2011-03-15

    We combine heavy-quark renormalization group arguments with our understanding of the nucleon's wave function to deduce a bound on the gluon polarization {Delta}g in the proton. The bound is consistent with the values extracted from spin experiments at COMPASS and RHIC.

  7. Toward modeling wingtip vortices

    NASA Technical Reports Server (NTRS)

    Zeman, O.

    1993-01-01

    Wingtip vortices are generated by lifting airfoils; their salient features are compactness and relatively slow rate of decay. The principal motivation for studying the far field evolution of wingtip vortices is the need to understand and predict the extent of the vortex influence during aircraft take-off or landing. On submarines a wingtip vortex ingested into a propeller can be a source of undesirable noise. The main objectives of this research are (1) to establish theoretical understanding of the principal mechanisms that govern the later (diffusive) stages of a turbulent vortex, (2) to develop a turbulence closure model representing the basic physical mechanisms that control the vortex diffusive stage, and further (3) to investigate coupling between the near and far field evolutions; in other words, to study the effect of initial conditions on the vortex lifetime and the ultimate state.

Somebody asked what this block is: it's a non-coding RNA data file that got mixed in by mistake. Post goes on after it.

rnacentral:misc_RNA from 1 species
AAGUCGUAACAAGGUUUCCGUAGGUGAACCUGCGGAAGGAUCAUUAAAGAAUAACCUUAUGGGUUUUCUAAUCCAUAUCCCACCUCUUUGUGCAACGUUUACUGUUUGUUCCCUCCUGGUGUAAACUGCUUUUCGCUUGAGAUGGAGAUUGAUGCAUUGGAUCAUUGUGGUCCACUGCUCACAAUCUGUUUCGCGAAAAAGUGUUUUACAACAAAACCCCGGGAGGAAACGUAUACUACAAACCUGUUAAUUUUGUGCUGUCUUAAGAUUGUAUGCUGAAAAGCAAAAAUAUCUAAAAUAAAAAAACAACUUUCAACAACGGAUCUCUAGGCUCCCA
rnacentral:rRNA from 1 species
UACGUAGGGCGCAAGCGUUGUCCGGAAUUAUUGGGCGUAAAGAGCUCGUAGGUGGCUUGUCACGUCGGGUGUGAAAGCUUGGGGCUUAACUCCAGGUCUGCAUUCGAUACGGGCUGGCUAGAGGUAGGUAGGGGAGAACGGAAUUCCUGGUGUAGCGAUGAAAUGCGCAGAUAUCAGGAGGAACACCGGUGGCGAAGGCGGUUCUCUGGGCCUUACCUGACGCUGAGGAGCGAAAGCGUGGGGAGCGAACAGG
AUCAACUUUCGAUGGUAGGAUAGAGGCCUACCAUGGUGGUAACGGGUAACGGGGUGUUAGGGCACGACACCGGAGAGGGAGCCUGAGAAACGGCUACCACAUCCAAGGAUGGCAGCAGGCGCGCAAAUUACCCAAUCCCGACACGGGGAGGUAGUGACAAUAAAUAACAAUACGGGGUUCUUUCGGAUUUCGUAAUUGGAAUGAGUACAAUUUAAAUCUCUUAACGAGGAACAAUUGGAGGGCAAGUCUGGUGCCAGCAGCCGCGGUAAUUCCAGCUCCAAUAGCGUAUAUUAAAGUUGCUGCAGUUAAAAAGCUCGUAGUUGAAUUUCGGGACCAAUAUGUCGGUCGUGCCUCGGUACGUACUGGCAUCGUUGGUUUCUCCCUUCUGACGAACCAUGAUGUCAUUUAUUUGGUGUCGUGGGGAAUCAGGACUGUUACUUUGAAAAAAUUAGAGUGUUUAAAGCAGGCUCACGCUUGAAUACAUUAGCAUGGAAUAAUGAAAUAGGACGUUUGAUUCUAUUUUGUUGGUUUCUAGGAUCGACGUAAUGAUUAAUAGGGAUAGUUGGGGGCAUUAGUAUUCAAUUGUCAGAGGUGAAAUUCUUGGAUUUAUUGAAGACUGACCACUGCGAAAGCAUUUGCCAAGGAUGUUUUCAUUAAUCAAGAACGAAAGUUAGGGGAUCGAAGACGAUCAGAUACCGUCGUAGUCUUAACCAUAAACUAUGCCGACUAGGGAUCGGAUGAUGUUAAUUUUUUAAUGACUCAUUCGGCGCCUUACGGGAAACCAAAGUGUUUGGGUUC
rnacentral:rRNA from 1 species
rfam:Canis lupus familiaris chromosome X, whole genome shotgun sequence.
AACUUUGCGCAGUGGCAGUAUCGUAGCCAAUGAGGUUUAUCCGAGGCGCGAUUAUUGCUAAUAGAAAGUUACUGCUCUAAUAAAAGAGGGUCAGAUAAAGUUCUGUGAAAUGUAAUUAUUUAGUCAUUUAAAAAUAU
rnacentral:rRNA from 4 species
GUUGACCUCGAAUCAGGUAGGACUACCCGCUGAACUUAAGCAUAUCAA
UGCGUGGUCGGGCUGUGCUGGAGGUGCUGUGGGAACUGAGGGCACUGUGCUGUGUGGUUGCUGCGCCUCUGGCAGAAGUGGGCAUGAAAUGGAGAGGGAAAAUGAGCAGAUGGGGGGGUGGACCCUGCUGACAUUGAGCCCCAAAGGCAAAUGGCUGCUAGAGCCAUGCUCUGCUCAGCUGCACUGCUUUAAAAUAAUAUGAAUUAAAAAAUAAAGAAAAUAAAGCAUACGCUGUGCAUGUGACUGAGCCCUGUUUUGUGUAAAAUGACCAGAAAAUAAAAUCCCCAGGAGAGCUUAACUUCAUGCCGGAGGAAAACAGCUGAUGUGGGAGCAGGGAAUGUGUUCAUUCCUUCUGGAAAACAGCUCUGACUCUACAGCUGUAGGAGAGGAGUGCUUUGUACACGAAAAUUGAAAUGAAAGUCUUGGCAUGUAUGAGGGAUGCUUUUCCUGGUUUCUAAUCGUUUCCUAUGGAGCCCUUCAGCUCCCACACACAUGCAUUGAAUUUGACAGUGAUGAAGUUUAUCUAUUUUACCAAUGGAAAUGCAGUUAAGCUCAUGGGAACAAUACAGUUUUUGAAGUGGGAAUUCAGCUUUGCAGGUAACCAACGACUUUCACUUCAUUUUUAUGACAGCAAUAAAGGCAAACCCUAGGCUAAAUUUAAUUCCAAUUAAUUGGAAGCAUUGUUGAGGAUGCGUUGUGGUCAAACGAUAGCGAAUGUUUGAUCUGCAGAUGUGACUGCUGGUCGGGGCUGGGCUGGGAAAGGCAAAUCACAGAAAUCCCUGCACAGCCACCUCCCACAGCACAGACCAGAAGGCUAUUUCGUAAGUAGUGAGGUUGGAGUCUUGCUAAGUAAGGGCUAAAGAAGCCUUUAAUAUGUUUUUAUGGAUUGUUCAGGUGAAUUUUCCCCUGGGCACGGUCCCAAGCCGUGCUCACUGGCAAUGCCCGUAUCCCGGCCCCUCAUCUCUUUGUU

8. Vorticity in analog gravity

    NASA Astrophysics Data System (ADS)

    Cropp, Bethan; Liberati, Stefano; Turcati, Rodrigo

    2016-06-01

    In the analog gravity framework, the acoustic disturbances in a moving fluid can be described by an equation of motion identical to a relativistic scalar massless field propagating in curved space-time. This description is possible only when the fluid under consideration is barotropic, inviscid, and irrotational. In this case, the propagation of the perturbations is governed by an acoustic metric that depends algebrically on the local speed of sound, density, and the background flow velocity, the latter assumed to be vorticity-free. In this work we provide a straightforward extension in order to go beyond the irrotational constraint. Using a charged—relativistic and nonrelativistic—Bose-Einstein condensate as a physical system, we show that in the low-momentum limit and performing the eikonal approximation we can derive a d’Alembertian equation of motion for the charged phonons where the emergent acoustic metric depends on flow velocity in the presence of vorticity.